My mother and father—were best friends, but like all loving couples, they also argued—but they always came back together again to make up and bond. And I learned well from them that in relationships, we can argue, but we can work things out—even though it’s not always easy to say I’m sorry or I was wrong, but we come back together because we are a family–we love each other and have that commitment. The loss of my mom is magnified, because of that deep love, but also because we are a small family that has always lived a hop, skip, and jump from each other—like one extended family.

My mother and father put my sister and I through private Jewish school, all the years, and then through college and graduate school—so that I was able to get my MBA and my sister her PhD. Even in later years, she helped babysit for my children and was like a second mother to them, so that my wife, Dossy could get her PhD as well. She loved my daughters—Minna and Rebecca, and my niece, Yaffa, so much. My mother and my father even moved here to Silver Spring in 2000—soon after we relocated here to work for the government—so they could be with us and the grandchildren—even though my mother really loved living in Riverdale, NY and the community and friends there, and would otherwise never have left there.

I will never forget the endless sacrifices made for us, which contrasts to many other families in modern times, when people seem more focused on career, their own interests and happiness, and mired in the world of the Internet and social media. But my mom taught me that while we may want a lot of different things, we need to put our priorities in order and focus on what is really important—family, friends, and faith.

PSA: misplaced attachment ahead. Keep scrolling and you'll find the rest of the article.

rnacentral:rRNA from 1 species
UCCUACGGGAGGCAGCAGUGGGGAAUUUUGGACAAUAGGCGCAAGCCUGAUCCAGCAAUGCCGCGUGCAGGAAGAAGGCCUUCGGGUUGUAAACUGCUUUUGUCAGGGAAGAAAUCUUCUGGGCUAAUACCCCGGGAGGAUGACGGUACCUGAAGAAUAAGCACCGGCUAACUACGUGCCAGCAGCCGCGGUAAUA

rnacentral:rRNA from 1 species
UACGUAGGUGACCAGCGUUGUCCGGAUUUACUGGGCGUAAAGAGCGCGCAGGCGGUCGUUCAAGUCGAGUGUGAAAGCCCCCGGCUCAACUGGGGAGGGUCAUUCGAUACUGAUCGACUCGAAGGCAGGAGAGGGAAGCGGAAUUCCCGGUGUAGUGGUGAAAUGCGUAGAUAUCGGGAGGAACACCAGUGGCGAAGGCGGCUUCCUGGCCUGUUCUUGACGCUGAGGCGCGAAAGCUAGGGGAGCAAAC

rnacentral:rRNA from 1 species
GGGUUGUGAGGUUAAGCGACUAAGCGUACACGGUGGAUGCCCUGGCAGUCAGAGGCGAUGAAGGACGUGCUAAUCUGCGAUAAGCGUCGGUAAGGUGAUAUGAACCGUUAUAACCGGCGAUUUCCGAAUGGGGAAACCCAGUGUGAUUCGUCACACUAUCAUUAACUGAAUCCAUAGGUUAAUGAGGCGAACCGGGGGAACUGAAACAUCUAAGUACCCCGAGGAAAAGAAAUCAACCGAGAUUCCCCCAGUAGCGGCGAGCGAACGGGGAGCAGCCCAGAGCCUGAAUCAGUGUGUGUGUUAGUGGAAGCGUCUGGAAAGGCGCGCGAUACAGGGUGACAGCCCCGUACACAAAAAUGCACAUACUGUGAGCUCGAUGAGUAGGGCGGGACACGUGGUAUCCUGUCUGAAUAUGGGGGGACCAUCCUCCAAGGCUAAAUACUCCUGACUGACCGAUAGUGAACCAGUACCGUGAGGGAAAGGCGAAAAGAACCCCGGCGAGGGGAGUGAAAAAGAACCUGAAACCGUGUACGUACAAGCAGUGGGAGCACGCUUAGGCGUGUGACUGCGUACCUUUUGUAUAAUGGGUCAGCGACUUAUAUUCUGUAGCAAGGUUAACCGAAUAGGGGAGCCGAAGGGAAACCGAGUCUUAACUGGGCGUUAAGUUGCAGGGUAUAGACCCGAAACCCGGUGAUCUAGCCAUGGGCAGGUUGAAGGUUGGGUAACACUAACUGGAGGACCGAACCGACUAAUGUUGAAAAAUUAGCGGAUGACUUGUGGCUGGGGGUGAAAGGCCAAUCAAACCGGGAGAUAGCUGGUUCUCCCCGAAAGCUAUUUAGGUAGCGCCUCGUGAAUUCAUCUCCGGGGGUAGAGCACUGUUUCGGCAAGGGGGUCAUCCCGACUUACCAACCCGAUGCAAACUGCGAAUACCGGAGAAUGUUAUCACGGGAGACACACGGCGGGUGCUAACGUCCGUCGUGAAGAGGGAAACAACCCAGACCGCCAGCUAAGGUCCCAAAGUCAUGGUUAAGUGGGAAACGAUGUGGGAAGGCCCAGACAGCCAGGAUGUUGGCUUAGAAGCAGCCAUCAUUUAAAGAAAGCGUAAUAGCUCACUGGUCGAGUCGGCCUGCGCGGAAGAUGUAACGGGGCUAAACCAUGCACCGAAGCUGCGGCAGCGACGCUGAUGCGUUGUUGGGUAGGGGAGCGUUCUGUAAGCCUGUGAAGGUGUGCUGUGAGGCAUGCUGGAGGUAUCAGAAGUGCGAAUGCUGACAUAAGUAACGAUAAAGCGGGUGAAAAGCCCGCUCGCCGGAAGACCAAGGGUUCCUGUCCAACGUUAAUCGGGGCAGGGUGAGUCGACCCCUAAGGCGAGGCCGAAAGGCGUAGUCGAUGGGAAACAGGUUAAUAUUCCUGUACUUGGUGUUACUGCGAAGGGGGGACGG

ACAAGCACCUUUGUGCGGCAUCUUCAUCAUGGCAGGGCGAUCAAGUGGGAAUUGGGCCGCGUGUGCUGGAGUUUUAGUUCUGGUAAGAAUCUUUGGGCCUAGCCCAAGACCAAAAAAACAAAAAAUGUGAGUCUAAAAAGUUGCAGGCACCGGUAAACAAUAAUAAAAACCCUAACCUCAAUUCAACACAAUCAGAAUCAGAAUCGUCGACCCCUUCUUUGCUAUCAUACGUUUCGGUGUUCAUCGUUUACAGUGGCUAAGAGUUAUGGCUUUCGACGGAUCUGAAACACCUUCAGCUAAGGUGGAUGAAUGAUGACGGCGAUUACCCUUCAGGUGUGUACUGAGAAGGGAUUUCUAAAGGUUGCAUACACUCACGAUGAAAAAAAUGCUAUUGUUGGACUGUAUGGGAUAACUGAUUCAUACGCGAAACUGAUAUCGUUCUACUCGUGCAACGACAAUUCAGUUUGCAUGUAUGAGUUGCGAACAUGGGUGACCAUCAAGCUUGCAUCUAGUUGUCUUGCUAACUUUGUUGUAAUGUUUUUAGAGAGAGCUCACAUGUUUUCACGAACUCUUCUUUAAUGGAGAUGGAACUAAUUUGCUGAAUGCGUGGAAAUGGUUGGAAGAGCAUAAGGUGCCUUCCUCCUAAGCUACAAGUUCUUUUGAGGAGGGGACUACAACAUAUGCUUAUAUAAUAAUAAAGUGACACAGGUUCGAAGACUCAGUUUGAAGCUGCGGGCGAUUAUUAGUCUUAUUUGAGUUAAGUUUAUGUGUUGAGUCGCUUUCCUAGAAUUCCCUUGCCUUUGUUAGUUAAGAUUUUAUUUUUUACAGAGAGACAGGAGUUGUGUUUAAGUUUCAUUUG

Like Ariel Sharon who suffered a stroke eight years ago, my mother was diagnosed with the horrible disease of Parkinson’s—also eight years ago. My mother went from being the one who took care of everyone to where my father, in his own old age, and his own illness, had to take care of her. He did this with unbelievable courage and tirelessly, he did everything for her—everything! Even when we all thought she needed to go to the nursing home, he brought her home and cared for her himself for two years under extremely trying circumstances. Until this last April, when my mother was hospitalized again and was too ill to go home again. She went to the Hebrew Home In Rockville, and later because of her severe pain was put under hospice care. My mom unfortunately suffered horribly—more than we have ever seen anyone suffer. When she passed this week, I was horrified to lose my mother, as anyone would be, and at the same time, I was grateful to G-d that perhaps she now had some rest from the all the terrible illness and suffering and was finally at peace.

She died on Monday almost immediately after the Rabbi said the final prayers with her, and so I hope that the prayers and good wishes of the Rabbi and all of us—her family and friends—are heard in heaven and usher her in as a righteous soul, loving wife, mother, and grandmother—and grant her everlasting peace and reward from the Almighty.